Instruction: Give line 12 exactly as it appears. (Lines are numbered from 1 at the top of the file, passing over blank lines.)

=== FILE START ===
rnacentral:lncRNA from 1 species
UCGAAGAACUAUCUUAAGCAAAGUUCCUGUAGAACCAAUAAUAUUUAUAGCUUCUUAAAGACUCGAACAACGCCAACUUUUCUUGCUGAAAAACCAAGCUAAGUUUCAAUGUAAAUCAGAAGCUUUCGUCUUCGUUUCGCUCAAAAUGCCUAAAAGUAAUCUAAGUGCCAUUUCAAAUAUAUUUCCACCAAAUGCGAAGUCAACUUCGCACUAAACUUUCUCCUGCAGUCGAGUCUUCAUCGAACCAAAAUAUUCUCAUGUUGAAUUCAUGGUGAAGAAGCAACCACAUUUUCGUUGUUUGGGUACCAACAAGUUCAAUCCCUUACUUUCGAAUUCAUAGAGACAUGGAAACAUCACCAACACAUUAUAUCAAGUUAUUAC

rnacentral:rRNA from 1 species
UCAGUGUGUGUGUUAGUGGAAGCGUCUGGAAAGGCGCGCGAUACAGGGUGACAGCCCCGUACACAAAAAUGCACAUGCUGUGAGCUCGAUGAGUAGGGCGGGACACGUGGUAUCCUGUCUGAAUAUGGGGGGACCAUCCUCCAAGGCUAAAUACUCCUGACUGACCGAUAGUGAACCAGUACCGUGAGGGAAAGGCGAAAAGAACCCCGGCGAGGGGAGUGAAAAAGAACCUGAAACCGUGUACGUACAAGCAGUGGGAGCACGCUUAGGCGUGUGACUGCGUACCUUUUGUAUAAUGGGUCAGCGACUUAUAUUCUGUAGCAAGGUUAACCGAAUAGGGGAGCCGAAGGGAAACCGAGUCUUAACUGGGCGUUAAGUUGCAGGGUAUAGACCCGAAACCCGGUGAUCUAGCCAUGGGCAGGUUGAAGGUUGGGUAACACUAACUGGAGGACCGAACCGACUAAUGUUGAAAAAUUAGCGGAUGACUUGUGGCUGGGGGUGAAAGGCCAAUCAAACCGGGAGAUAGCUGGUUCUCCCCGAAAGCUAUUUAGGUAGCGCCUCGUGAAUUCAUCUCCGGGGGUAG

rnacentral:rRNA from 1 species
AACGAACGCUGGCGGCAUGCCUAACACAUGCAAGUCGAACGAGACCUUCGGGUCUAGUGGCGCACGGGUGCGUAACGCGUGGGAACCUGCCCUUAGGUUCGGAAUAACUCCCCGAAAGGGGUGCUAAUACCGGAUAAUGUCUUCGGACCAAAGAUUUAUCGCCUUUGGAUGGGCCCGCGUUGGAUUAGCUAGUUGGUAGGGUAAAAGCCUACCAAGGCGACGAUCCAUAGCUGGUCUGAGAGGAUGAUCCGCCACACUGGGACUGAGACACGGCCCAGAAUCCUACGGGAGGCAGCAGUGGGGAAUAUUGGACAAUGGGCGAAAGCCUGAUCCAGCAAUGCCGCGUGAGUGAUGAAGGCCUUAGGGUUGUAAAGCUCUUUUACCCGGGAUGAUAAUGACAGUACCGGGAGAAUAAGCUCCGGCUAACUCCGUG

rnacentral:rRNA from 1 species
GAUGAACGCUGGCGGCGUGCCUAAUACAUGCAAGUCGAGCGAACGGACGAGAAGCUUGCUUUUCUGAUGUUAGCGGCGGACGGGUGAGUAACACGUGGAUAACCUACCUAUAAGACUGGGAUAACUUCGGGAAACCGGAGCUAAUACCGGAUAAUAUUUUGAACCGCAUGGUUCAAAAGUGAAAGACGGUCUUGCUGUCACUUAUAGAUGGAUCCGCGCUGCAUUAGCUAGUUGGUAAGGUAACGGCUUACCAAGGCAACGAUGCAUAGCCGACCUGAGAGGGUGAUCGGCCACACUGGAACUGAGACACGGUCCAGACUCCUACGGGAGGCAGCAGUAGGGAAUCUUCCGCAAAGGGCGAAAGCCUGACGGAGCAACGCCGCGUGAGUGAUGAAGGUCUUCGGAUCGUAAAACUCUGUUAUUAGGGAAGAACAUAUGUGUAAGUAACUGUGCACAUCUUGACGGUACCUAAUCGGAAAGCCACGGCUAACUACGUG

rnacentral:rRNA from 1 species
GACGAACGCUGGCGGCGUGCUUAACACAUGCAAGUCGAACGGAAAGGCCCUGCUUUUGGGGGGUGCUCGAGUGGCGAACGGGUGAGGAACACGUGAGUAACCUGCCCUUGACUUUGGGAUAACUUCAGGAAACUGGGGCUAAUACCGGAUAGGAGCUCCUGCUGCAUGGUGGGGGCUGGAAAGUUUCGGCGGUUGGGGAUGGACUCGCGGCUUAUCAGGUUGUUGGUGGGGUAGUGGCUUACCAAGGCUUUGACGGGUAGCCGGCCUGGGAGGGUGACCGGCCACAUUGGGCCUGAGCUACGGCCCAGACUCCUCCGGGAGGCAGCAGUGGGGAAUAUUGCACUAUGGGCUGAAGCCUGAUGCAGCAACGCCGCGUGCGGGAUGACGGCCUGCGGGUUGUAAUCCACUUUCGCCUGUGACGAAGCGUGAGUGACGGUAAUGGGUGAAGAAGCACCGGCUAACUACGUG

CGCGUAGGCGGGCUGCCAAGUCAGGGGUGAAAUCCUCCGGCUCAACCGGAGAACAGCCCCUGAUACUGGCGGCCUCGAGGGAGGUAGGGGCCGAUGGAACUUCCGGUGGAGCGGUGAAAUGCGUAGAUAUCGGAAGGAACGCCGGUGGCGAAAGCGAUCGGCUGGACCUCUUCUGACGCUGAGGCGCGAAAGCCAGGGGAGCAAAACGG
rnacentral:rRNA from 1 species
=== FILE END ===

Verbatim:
rnacentral:rRNA from 1 species